Mississippi’s first Miss America dies

Published 10:52 am Wednesday, December 10, 2014

Miss America 1959, Mary Ann Mobley, is crowned by outgoing Miss America Marilyn Elaine Van Derbur at the annual Miss America Pageant in Atlantic City, N.J. in 1958.

Miss America 1959, Mary Ann Mobley, is crowned by outgoing Miss America Marilyn Elaine Van Derbur at the annual Miss America Pageant in Atlantic City, N.J. in 1958.

Mary Ann Mobley, the first Miss Mississippi to become Miss America died at her home in Beverly Hills, Calif. Tuesday after a battle with breast cancer. She was 75.
Mobley was crowned Miss Mississippi in 1958, the first year for Vicksburg to host the state
pageant before going on to win the national title.
“She mesmerized everybody,” Dr. Briggs Hopson Jr. said. “Everything she entered she won.”
Hopson, who served as the CEO and Chairman of the Miss Mississippi Pageant Corporation board, said he started at Ole Miss the same year as Mobley.
“There were glowing reports that she was the most beautiful woman at Ole Miss,” he said.
“I remember so well when she was Miss Mississippi,” Pat Hopson said. “She had that caring effervescent personality. She talked all the time and people wanted to listen.”
Pat also attended the University of Mississippi the same time Mobley was in school.
“I think she was one of the best Miss Americas,” she said. “She even contributed afterward, always coming back to Mississippi.”
Pat, who served for many years as the executive producer for the Miss Mississippi Pageant, said the last time Mobley was in Vicksburg was when she helped emcee during the 50th anniversary of the pageant in 1984.
“She will be missed as a Miss Mississippi,” Pat said. “She will be missed as a Miss America, but also missed as a good friend.”
Following her reign as Miss America, Mobley went on to pursue a career in film and television including appearances on “Perry Mason,” “Love American Style,” “Fantasy Island,” “Different Strokes” and “Designing Women.”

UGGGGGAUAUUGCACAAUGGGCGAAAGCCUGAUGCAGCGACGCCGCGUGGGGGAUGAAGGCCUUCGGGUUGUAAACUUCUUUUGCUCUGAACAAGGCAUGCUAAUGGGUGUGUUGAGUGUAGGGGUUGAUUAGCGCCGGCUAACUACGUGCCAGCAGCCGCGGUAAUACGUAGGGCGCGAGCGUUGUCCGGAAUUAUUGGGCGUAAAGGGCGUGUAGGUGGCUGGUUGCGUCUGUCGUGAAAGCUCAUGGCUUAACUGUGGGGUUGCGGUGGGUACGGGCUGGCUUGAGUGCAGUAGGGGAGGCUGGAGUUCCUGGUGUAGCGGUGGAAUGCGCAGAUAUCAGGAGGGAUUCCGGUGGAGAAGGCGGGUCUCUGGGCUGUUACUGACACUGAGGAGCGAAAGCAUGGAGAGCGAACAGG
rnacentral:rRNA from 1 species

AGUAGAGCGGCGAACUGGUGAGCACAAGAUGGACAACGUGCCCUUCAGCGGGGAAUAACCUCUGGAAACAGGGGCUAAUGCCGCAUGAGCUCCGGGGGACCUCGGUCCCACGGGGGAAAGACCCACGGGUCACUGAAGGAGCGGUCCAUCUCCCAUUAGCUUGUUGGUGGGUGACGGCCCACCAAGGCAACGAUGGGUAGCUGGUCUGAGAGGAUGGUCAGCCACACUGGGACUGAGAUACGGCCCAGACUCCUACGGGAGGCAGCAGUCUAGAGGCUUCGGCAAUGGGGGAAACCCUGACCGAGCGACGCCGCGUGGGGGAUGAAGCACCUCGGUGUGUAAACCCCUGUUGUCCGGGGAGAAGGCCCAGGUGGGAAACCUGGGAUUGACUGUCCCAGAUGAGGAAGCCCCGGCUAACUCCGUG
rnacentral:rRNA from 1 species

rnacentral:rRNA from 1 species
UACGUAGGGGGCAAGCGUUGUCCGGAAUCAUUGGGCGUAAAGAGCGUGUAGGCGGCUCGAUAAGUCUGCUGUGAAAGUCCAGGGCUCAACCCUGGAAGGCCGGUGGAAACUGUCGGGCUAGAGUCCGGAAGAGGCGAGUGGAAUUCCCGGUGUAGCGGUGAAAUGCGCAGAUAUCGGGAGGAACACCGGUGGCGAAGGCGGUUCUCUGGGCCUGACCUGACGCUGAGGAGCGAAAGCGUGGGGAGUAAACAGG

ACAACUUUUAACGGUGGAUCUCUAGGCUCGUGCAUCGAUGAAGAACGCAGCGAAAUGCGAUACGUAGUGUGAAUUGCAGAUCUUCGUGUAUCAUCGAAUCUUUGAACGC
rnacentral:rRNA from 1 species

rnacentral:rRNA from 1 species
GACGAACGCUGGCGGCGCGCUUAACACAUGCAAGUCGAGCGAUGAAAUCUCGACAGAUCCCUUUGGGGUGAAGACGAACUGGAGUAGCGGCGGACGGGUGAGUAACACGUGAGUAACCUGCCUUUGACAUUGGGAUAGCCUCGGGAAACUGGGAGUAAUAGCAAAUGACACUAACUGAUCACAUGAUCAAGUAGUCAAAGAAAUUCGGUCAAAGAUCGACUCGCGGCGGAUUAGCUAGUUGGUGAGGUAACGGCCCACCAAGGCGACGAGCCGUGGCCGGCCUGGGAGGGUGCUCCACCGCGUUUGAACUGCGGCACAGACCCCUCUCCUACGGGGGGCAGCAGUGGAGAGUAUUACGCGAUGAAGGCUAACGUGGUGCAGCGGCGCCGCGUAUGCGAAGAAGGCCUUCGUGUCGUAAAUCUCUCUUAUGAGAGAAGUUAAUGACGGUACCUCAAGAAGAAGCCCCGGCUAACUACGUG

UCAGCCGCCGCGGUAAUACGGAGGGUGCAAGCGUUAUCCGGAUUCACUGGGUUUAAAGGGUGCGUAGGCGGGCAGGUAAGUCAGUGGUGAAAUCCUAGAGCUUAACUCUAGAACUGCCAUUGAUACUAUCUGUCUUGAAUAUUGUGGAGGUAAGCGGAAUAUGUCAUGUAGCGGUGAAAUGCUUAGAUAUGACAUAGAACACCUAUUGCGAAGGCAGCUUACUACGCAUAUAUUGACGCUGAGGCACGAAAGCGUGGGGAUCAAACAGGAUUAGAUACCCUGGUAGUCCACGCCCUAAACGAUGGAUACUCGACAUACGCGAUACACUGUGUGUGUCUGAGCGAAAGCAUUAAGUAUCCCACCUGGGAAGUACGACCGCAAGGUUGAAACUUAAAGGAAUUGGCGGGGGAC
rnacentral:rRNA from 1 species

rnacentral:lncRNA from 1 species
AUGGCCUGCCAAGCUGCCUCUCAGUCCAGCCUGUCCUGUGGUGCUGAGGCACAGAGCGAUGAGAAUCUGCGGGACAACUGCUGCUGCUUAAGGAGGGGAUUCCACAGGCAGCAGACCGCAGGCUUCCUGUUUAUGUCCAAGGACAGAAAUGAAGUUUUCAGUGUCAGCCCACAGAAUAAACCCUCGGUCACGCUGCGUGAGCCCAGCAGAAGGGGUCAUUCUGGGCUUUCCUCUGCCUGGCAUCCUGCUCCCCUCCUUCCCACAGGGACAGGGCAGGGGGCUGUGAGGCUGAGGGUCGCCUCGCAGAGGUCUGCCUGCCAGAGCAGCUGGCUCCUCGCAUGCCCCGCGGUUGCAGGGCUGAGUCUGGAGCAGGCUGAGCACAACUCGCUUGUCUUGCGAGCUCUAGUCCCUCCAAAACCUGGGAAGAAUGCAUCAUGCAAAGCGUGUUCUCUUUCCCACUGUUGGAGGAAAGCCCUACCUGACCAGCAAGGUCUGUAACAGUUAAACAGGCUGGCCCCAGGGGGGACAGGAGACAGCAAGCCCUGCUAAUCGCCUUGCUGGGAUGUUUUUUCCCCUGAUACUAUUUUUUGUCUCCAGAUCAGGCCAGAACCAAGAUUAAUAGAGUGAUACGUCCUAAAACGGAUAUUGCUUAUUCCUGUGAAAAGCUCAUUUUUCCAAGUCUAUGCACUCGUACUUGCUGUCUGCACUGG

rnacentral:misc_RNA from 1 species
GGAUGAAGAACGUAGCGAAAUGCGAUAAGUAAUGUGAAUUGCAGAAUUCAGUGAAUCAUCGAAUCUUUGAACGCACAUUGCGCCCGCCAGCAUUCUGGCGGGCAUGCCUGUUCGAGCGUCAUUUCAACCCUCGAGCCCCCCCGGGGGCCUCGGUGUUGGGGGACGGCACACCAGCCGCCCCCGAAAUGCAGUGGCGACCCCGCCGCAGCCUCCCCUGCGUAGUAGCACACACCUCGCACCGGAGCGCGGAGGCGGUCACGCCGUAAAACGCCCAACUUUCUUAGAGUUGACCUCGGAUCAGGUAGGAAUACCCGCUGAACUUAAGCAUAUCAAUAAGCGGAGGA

She also starred in “Harum Scarum” alongside Elvis Presley.
Mobley was awarded a Golden Globe in 1965 as New Star of the Year. She was active in many charitable causes, and in 1966 was awarded the Outstanding Young Woman of the Year Award by Lady Bird Johnson.
Mobley was born Feb 17, 1939 in Biloxi. She was married to film and television star Gary Collins, and the couple had one daughter, Mary Clancy Collins White.

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About Terri Cowart Frazier

Terri Frazier was born in Cleveland. Shortly afterward, the family moved to Vicksburg. She is a part-time reporter at The Vicksburg Post and is the editor of the Vicksburg Living Magazine, which has been awarded First Place by the Mississippi Press Association. She has also been the recipient of a First Place award in the MPA’s Better Newspaper Contest’s editorial division for the “Best Feature Story.”

Terri graduated from Warren Central High School and Mississippi State University where she received a bachelor’s degree in communications with an emphasis in public relations.

Prior to coming to work at The Post a little more than 10 years ago, she did some freelancing at the Jackson Free Press. But for most of her life, she enjoyed being a full-time stay at home mom.

Terri is a member of the Crawford Street United Methodist Church. She is a lifetime member of the Vicksburg Junior Auxiliary and is a past member of the Sampler Antique Club and Town and Country Garden Club. She is married to Dr. Walter Frazier.

“From staying informed with local governmental issues to hearing the stories of its people, a hometown newspaper is vital to a community. I have felt privileged to be part of a dedicated team at The Post throughout my tenure and hope that with theirs and with local support, I will be able to continue to grow and hone in on my skills as I help share the stories in Vicksburg. When asked what I like most about my job, my answer is always ‘the people.’

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